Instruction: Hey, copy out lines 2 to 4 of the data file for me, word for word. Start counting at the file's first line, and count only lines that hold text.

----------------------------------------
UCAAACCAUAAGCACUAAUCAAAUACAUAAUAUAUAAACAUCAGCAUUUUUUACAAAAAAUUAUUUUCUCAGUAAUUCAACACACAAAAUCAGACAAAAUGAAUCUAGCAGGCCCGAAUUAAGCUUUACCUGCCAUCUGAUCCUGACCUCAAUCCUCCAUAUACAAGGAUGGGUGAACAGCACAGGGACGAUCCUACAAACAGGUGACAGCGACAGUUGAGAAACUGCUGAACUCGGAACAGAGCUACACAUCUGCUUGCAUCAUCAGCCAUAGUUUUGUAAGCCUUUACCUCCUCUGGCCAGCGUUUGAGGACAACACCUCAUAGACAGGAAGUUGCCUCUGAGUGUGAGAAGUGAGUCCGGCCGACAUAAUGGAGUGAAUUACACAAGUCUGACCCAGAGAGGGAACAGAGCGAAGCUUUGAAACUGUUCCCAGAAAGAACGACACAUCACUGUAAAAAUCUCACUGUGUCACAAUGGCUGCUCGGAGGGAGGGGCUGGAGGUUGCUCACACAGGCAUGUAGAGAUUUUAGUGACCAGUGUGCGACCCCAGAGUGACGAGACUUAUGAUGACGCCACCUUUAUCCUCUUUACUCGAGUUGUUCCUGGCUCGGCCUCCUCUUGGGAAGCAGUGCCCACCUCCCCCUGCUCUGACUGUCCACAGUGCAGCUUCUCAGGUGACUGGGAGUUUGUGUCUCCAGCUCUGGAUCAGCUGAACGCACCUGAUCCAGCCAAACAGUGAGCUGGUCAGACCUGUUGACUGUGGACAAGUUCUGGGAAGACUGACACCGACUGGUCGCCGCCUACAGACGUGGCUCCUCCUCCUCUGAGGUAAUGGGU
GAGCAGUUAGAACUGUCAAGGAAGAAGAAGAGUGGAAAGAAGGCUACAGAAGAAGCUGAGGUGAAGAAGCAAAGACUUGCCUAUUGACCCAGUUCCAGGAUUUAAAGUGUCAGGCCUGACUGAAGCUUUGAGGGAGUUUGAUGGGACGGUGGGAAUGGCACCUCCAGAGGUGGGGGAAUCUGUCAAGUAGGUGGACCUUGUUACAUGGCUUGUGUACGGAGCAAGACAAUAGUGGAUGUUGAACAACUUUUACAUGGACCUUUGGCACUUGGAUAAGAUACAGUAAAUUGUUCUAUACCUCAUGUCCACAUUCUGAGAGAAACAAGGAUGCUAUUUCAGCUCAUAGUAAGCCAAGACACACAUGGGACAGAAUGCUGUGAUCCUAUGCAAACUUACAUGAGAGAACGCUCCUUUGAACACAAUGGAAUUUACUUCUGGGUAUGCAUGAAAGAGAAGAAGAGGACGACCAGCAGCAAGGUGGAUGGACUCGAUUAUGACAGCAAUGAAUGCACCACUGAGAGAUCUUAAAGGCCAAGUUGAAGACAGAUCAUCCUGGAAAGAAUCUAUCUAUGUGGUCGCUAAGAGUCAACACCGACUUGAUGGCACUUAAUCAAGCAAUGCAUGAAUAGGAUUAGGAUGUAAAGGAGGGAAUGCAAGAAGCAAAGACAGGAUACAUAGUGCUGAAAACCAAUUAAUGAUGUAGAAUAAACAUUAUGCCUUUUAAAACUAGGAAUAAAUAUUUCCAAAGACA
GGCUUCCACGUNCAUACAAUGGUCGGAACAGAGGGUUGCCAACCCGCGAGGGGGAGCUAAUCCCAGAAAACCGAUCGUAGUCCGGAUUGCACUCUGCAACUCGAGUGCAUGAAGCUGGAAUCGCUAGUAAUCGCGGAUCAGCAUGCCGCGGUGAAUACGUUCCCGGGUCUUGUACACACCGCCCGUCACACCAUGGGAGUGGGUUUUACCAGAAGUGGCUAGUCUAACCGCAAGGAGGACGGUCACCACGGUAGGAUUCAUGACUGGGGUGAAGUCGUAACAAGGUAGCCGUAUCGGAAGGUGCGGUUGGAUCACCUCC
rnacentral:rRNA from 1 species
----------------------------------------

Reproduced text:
GAGCAGUUAGAACUGUCAAGGAAGAAGAAGAGUGGAAAGAAGGCUACAGAAGAAGCUGAGGUGAAGAAGCAAAGACUUGCCUAUUGACCCAGUUCCAGGAUUUAAAGUGUCAGGCCUGACUGAAGCUUUGAGGGAGUUUGAUGGGACGGUGGGAAUGGCACCUCCAGAGGUGGGGGAAUCUGUCAAGUAGGUGGACCUUGUUACAUGGCUUGUGUACGGAGCAAGACAAUAGUGGAUGUUGAACAACUUUUACAUGGACCUUUGGCACUUGGAUAAGAUACAGUAAAUUGUUCUAUACCUCAUGUCCACAUUCUGAGAGAAACAAGGAUGCUAUUUCAGCUCAUAGUAAGCCAAGACACACAUGGGACAGAAUGCUGUGAUCCUAUGCAAACUUACAUGAGAGAACGCUCCUUUGAACACAAUGGAAUUUACUUCUGGGUAUGCAUGAAAGAGAAGAAGAGGACGACCAGCAGCAAGGUGGAUGGACUCGAUUAUGACAGCAAUGAAUGCACCACUGAGAGAUCUUAAAGGCCAAGUUGAAGACAGAUCAUCCUGGAAAGAAUCUAUCUAUGUGGUCGCUAAGAGUCAACACCGACUUGAUGGCACUUAAUCAAGCAAUGCAUGAAUAGGAUUAGGAUGUAAAGGAGGGAAUGCAAGAAGCAAAGACAGGAUACAUAGUGCUGAAAACCAAUUAAUGAUGUAGAAUAAACAUUAUGCCUUUUAAAACUAGGAAUAAAUAUUUCCAAAGACA
GGCUUCCACGUNCAUACAAUGGUCGGAACAGAGGGUUGCCAACCCGCGAGGGGGAGCUAAUCCCAGAAAACCGAUCGUAGUCCGGAUUGCACUCUGCAACUCGAGUGCAUGAAGCUGGAAUCGCUAGUAAUCGCGGAUCAGCAUGCCGCGGUGAAUACGUUCCCGGGUCUUGUACACACCGCCCGUCACACCAUGGGAGUGGGUUUUACCAGAAGUGGCUAGUCUAACCGCAAGGAGGACGGUCACCACGGUAGGAUUCAUGACUGGGGUGAAGUCGUAACAAGGUAGCCGUAUCGGAAGGUGCGGUUGGAUCACCUCC
rnacentral:rRNA from 1 species